U.S., China need to balance energy use

The Jan. 26 Herald editorial infers that in his State of the Union address, Obama did not deal with the fundamental problem facing us. In our opinion, neither did the Herald. Consider this: The United States has roughly 4 percent of the world’s population; China has approximately 20 percent. The rate of population growth in both countries is relatively low and stable.

However, as of 2008, the United States uses 87,216 kWh of electricity per capita, while China uses approximately one-quarter of that: 18,608 kWh per capita. A major difference between the two countries is the technological growth rate in China is accelerating dramatically, while in the United States the technological growth rate is relatively stable. China will undoubtedly seek more energy supplies. In a world of shrinking resources, that presents a problem.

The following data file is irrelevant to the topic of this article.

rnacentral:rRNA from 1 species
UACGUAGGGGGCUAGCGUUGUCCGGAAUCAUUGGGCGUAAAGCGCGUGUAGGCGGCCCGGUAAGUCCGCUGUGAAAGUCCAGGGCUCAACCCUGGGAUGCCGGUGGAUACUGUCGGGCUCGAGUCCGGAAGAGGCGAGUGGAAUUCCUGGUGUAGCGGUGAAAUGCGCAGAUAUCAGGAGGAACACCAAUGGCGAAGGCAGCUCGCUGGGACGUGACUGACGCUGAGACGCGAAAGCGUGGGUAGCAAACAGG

China has raised this question: Is it ethical for 5 percent of the world’s population to consume almost four times as much energy as China, which has 20 percent of the world’s population?

Many anthropologists believe that in order for a democracy to function, there must be an energy surplus. If the United States accommodates China by decreasing its per capita electricity use, this may represent a forfeiture of individual freedom and a reduction in our quality of life. It seems to us that this sparse outline represents a problem the United States must address immediately. Certainly, if we do not decrease our per capita electricity use, then China could be tempted to use military strategies to gain the energy to which she thinks she is entitled.

Linda Tikalsky